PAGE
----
While systematically using a pneumatic stapler, the fastener does not engage sufficiently or properly in the groove area. Yes, you missed the spot hitting it right into the board face. Now you are faced with the challenge of removing this piece of stapled flooring. The challenge is ripping up the specific plank, while not damaging any adjacent boards.

The pneumatic cleat nailer does not exert the same amount of holding power as does its stapled counterparts. This makes removal of mistaken cleat shots easier and quicker to accomplish, as opposed to stapled boards.

Fastener Costs Are Different

Using the Internet today makes it much easier to compare the costs of using staples versus using nails. Typically, the cost of a box of staples when purchasing online will be about $70. This box will cover installation of about 1,000 square feet when applying the standard 2 1/4” inch strip flooring. Nails are going to cost you a little bit more. Additionally, purchasing either a stapler or nailer will hit your pocket for at least $300 for a refurbished gun and more than $600 for a new one.

should I use hardwood flooring staples on my floorFortunately, checking with local tool rental companies in your area may get you a daily rental cost of as low as $45. Interestingly enough, online research does reveal these very same tools can be rented from local businesses offering Website contact. Some even advertise online special discounts when reserving a tool using a credit or debit card for later pickup at the brick-and-mortar store site.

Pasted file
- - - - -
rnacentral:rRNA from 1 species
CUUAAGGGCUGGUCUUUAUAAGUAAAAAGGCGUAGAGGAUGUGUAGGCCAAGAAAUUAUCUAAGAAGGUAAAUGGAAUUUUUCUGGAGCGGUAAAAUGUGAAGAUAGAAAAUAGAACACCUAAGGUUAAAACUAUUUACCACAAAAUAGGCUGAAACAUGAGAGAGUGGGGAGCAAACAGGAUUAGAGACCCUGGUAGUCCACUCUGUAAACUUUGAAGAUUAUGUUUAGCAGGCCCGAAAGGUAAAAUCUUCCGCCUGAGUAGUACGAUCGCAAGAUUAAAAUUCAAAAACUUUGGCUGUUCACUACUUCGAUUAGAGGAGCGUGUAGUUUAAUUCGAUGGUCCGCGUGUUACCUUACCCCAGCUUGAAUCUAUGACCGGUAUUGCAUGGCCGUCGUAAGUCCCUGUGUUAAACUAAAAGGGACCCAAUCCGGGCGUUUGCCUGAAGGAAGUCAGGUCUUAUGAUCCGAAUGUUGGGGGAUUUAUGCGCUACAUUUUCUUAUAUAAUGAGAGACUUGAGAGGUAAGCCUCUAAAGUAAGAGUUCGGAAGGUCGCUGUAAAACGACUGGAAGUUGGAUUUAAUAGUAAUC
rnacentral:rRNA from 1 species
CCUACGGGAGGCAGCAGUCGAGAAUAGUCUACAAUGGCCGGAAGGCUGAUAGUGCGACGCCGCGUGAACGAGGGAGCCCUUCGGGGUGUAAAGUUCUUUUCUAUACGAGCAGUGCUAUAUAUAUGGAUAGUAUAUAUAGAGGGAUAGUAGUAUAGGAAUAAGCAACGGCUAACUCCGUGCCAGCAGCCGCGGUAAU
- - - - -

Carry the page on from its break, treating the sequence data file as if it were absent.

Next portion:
If you’re dead set upon owning a specific pneumatic tool, these can also be purchased online for quick delivery. However, unless you intend to conduct a good many hardwood flooring installation projects in the near future, purchasing a costly pneumatic tool, even one with a special online purchase discount, may not be the most prudent way to go.

Nailing It Down

If you choose to nail down your hardwood floor, for the typical 3/4” wood stripping or planking, you will need to use 2″ cleats. Operate a pneumatic wood flooring nailer attaching these strips or planks to your subfloor choice.

Keep in mind that solid wood strips and planking must be nailed to wooden subfloors.

should I use hardwood flooring staplesAttempting to nail down a wooden floor by hand is not recommended for a number of reasons, including consistency and accuracy. The air-driven pneumatic nailer will produce enough force to ensure the fastening is tightly secure.

Going for the Staples